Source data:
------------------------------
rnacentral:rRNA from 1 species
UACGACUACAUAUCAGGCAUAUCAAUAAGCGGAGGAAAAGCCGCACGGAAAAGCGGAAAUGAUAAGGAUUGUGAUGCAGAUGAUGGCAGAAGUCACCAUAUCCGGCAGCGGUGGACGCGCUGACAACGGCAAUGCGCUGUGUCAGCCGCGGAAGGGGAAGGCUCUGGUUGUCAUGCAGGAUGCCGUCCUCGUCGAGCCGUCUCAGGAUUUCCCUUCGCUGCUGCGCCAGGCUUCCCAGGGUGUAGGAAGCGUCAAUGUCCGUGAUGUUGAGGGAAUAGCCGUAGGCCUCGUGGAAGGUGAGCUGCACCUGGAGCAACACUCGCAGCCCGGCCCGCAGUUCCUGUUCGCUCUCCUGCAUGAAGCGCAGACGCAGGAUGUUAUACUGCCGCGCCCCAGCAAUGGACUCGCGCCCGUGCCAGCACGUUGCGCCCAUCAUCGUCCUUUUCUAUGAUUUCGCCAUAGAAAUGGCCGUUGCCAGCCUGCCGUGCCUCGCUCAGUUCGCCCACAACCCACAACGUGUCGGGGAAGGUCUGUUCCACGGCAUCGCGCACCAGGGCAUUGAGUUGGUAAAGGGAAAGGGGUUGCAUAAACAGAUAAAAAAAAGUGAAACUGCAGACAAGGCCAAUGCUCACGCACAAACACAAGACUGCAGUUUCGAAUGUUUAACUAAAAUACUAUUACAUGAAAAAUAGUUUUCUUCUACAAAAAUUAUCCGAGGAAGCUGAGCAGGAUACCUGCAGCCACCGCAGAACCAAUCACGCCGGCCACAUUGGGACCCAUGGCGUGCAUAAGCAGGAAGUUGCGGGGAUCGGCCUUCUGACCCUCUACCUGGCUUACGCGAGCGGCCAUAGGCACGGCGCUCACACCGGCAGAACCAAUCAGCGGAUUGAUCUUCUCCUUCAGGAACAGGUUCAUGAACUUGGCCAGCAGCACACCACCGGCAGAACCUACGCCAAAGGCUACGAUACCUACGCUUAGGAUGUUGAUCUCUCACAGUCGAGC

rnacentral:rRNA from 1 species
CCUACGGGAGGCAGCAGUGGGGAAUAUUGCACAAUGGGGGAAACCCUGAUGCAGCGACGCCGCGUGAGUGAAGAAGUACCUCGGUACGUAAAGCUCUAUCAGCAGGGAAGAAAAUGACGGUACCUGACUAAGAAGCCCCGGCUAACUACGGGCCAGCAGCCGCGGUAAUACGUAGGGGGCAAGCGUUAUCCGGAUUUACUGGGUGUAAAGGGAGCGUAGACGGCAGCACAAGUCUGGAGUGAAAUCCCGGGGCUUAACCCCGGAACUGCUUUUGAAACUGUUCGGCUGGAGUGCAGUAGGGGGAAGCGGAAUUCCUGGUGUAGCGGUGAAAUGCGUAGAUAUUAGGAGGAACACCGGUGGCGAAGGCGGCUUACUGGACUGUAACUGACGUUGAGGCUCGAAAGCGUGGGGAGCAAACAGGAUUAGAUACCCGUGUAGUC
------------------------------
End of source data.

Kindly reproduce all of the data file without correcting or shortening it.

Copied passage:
rnacentral:rRNA from 1 species
UACGACUACAUAUCAGGCAUAUCAAUAAGCGGAGGAAAAGCCGCACGGAAAAGCGGAAAUGAUAAGGAUUGUGAUGCAGAUGAUGGCAGAAGUCACCAUAUCCGGCAGCGGUGGACGCGCUGACAACGGCAAUGCGCUGUGUCAGCCGCGGAAGGGGAAGGCUCUGGUUGUCAUGCAGGAUGCCGUCCUCGUCGAGCCGUCUCAGGAUUUCCCUUCGCUGCUGCGCCAGGCUUCCCAGGGUGUAGGAAGCGUCAAUGUCCGUGAUGUUGAGGGAAUAGCCGUAGGCCUCGUGGAAGGUGAGCUGCACCUGGAGCAACACUCGCAGCCCGGCCCGCAGUUCCUGUUCGCUCUCCUGCAUGAAGCGCAGACGCAGGAUGUUAUACUGCCGCGCCCCAGCAAUGGACUCGCGCCCGUGCCAGCACGUUGCGCCCAUCAUCGUCCUUUUCUAUGAUUUCGCCAUAGAAAUGGCCGUUGCCAGCCUGCCGUGCCUCGCUCAGUUCGCCCACAACCCACAACGUGUCGGGGAAGGUCUGUUCCACGGCAUCGCGCACCAGGGCAUUGAGUUGGUAAAGGGAAAGGGGUUGCAUAAACAGAUAAAAAAAAGUGAAACUGCAGACAAGGCCAAUGCUCACGCACAAACACAAGACUGCAGUUUCGAAUGUUUAACUAAAAUACUAUUACAUGAAAAAUAGUUUUCUUCUACAAAAAUUAUCCGAGGAAGCUGAGCAGGAUACCUGCAGCCACCGCAGAACCAAUCACGCCGGCCACAUUGGGACCCAUGGCGUGCAUAAGCAGGAAGUUGCGGGGAUCGGCCUUCUGACCCUCUACCUGGCUUACGCGAGCGGCCAUAGGCACGGCGCUCACACCGGCAGAACCAAUCAGCGGAUUGAUCUUCUCCUUCAGGAACAGGUUCAUGAACUUGGCCAGCAGCACACCACCGGCAGAACCUACGCCAAAGGCUACGAUACCUACGCUUAGGAUGUUGAUCUCUCACAGUCGAGC

rnacentral:rRNA from 1 species
CCUACGGGAGGCAGCAGUGGGGAAUAUUGCACAAUGGGGGAAACCCUGAUGCAGCGACGCCGCGUGAGUGAAGAAGUACCUCGGUACGUAAAGCUCUAUCAGCAGGGAAGAAAAUGACGGUACCUGACUAAGAAGCCCCGGCUAACUACGGGCCAGCAGCCGCGGUAAUACGUAGGGGGCAAGCGUUAUCCGGAUUUACUGGGUGUAAAGGGAGCGUAGACGGCAGCACAAGUCUGGAGUGAAAUCCCGGGGCUUAACCCCGGAACUGCUUUUGAAACUGUUCGGCUGGAGUGCAGUAGGGGGAAGCGGAAUUCCUGGUGUAGCGGUGAAAUGCGUAGAUAUUAGGAGGAACACCGGUGGCGAAGGCGGCUUACUGGACUGUAACUGACGUUGAGGCUCGAAAGCGUGGGGAGCAAACAGGAUUAGAUACCCGUGUAGUC